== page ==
I've been a member of this forum for some time, and although I've rarely posted, I do read a lot of the messages, and have read a number of ski books over the last year and a half.
I very much enjoyed Ron LeMasters book, The Skier's Edge. Quoting from the preface, "This is not a how-to-ski book-- it is a book about how skiing works. It is about the fundamental principles and techniques at work in skiing and how good skiers apply them. Most avid skiers are, in effect, their own coaches... I hope to convey to these skiers a coherent, fundamental understanding of skiing from the snow up; one through which they can evaluate and expand their own skiing."
It was a fascinating read, I sped through it on the afternoon the UPS guy delivered it.
I also enjoyed Bob Barnes book, The Complete Encyclopedia of Sking, very much. It seems to provide a common source for much of the terminology used by some of the most insightful and helpful of the posters on this site.
I have read through each of these two twice, (both for simple enjoyment/daydreaming during the summer, and for learning/applying things on the snow), and have looked things up in one or the other many times.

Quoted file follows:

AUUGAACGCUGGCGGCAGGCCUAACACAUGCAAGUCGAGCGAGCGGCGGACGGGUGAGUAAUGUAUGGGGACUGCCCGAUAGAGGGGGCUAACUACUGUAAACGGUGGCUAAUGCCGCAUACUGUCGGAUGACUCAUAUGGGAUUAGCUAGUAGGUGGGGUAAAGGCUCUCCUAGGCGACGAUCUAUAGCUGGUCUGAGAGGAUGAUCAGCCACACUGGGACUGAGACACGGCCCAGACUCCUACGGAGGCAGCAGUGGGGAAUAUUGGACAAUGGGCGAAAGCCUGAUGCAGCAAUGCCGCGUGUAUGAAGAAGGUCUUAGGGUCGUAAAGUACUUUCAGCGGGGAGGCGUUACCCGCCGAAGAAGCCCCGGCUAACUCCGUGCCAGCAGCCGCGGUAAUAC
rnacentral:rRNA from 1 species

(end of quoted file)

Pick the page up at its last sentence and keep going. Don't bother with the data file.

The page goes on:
Finally, I am on my second read-through of Harald Harb's book, Anyone can be an Expert Skier. It is more of a lesson plan than either of the other two books, and is therefore not quite as fun a read. However, I will spend some time working on this skiing progression myself this winter. I also understand that it is the best selling of the current ski books, so it
presents some terminology and methods that you may hear and see on the slopes; Also, it is the the first version of the "holy book" espoused by one side in some of the most stem winding, mud slingin, knock-em-down flame wars you'll see on this site.